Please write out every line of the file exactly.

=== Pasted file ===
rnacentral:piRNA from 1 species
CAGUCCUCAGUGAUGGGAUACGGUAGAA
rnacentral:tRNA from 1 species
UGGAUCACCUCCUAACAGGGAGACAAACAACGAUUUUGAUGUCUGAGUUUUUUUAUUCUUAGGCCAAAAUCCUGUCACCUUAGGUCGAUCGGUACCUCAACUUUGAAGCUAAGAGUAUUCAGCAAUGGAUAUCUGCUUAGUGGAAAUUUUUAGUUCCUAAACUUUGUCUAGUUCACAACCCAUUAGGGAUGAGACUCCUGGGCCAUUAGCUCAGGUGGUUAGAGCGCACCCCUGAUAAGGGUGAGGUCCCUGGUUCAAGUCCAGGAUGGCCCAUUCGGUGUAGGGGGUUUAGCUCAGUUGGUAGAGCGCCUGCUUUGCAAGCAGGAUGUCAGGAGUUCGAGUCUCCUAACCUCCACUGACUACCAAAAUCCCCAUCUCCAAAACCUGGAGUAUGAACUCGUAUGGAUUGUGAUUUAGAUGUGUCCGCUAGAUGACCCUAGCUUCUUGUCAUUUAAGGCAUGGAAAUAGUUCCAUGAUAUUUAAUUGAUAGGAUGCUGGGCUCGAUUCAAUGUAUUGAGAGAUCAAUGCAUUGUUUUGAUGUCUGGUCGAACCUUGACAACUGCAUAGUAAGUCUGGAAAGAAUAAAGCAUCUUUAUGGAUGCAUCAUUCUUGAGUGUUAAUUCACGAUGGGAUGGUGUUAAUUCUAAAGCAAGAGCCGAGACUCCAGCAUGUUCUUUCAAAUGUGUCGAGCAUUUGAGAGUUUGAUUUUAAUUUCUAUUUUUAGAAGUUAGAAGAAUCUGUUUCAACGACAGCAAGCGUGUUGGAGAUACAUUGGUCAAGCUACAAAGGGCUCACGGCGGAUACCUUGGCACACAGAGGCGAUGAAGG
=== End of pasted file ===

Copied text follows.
rnacentral:piRNA from 1 species
CAGUCCUCAGUGAUGGGAUACGGUAGAA
rnacentral:tRNA from 1 species
UGGAUCACCUCCUAACAGGGAGACAAACAACGAUUUUGAUGUCUGAGUUUUUUUAUUCUUAGGCCAAAAUCCUGUCACCUUAGGUCGAUCGGUACCUCAACUUUGAAGCUAAGAGUAUUCAGCAAUGGAUAUCUGCUUAGUGGAAAUUUUUAGUUCCUAAACUUUGUCUAGUUCACAACCCAUUAGGGAUGAGACUCCUGGGCCAUUAGCUCAGGUGGUUAGAGCGCACCCCUGAUAAGGGUGAGGUCCCUGGUUCAAGUCCAGGAUGGCCCAUUCGGUGUAGGGGGUUUAGCUCAGUUGGUAGAGCGCCUGCUUUGCAAGCAGGAUGUCAGGAGUUCGAGUCUCCUAACCUCCACUGACUACCAAAAUCCCCAUCUCCAAAACCUGGAGUAUGAACUCGUAUGGAUUGUGAUUUAGAUGUGUCCGCUAGAUGACCCUAGCUUCUUGUCAUUUAAGGCAUGGAAAUAGUUCCAUGAUAUUUAAUUGAUAGGAUGCUGGGCUCGAUUCAAUGUAUUGAGAGAUCAAUGCAUUGUUUUGAUGUCUGGUCGAACCUUGACAACUGCAUAGUAAGUCUGGAAAGAAUAAAGCAUCUUUAUGGAUGCAUCAUUCUUGAGUGUUAAUUCACGAUGGGAUGGUGUUAAUUCUAAAGCAAGAGCCGAGACUCCAGCAUGUUCUUUCAAAUGUGUCGAGCAUUUGAGAGUUUGAUUUUAAUUUCUAUUUUUAGAAGUUAGAAGAAUCUGUUUCAACGACAGCAAGCGUGUUGGAGAUACAUUGGUCAAGCUACAAAGGGCUCACGGCGGAUACCUUGGCACACAGAGGCGAUGAAGG